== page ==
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Red Spotted Newt Unit Study

Updated on February 13, 2014

The Red Spotted Eft a Salamander Unit Study

Have you ever walked through the woods on a wet spring day and seen bright red salamanders scurrying across the leaf litter? Salamanders need the moisture of the forest floor to keep their skin damp in order to breathe. Just like frogs, salamanders are amphibians.

Today we will begin an exploration about Red Spotted Newts a kind of salamander found in the forest of eastern North America. What makes a salamander an amphibian? Why are some salamanders red? Where can you find salamanders? Could you keep a salamander in your room?

In this unit study we will be reading and writing about salamanders, learning the history and science of salamanders, drawing and painting salamanders, and even learning math with a salamander theme.

Step out into the forest and keep your eyes wide open. Let's look for salamanders...

Photo Credit: Red Eft (Notophthalmus viridescens) by DaveHuth

Used under creative commons

Red Salamanders in the Leaf Litter - Finding Red Salamanders

Red Eft
Red Eft

Photo Credit: Red Eft

Used under creative commons

Come take a walk with me to the waterfall across the field and through the woods near my Bed and Breakfast. First we walk across the dew laden grass until we get to the standing stones. The grass is wet because the air has been saturated with moisture and falling temperatures over the night caused water droplets to form on every available surface.

Our boots get wet as we walk across the field and enter the forest. We walk between rows of stone walls and finally reach the bank of a brook where the path leads to the left down to the level of the babbling brook. Now it is time to keep our eyes peeled.

Sweep your eyes left and right looking for salamanders. Their red bodies make finding them easy. Salamanders come out on damp wet days like today.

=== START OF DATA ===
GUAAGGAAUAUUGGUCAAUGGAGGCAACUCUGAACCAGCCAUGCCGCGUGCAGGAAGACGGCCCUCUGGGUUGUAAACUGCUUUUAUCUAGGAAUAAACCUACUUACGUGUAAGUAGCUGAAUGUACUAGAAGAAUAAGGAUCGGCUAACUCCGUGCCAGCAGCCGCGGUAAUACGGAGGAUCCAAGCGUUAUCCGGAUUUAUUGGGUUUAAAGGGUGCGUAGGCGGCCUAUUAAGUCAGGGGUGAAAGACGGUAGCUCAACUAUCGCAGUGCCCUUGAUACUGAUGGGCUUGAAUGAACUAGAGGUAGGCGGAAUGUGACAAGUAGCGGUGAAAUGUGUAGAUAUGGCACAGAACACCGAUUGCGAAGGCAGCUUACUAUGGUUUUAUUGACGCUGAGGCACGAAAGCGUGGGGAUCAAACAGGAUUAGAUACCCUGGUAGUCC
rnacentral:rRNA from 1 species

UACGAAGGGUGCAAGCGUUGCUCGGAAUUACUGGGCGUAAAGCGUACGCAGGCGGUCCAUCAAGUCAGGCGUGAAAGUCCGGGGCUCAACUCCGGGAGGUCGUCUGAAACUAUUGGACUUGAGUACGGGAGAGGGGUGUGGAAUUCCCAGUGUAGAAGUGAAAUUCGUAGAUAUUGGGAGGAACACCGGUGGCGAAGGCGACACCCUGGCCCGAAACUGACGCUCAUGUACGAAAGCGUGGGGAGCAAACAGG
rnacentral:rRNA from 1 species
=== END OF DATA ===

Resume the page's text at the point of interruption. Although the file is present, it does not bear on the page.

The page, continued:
Salamander Language Arts

The Salamander Room - Salamander for a Pet

Brian tries to convince his mother to let him keep a salamander as a pet. His mom tries to explain that his room is not the right habitat for a salamander while Brian imagines what would need to happen to his room to make it the ideal habitat for salamanders.

I have read this book to many children and all have been delighted. What an imagination Brian has!

After reading the story, have the children create dioramas of Brian's room transformed into the ideal Salamander habitat.

Red Eft, the terrestrial phase of the Red Spotted Newt (Notophthalmus viridescens viridescens)
Red Eft, the terrestrial phase of the Red Spotted Newt (Notophthalmus viridescens viridescens)

Photo Credit: Red Eft by Putneypics

Used under creative commons

Have you ever seen a salamander?

See results

Salamander Tales - Stories about Salamanders

Big Night for Salamanders
Big Night for Salamanders
A boy and his parents help the salamanders cross the road to get to vernal pools on a rainy night.

Salamander Math

Salamander Science

Field Guide to Salamanders - Identify Salamanders

For general information about amphibians and how to recognize the difference between salamanders and other amphibians, be sure to check out the Peterson Field Guide to Reptiles and Amphibians.

A Field Guide to Reptiles & Amphibians of Eastern & Central North America (Peterson Field Guide Series)

Available on Amazon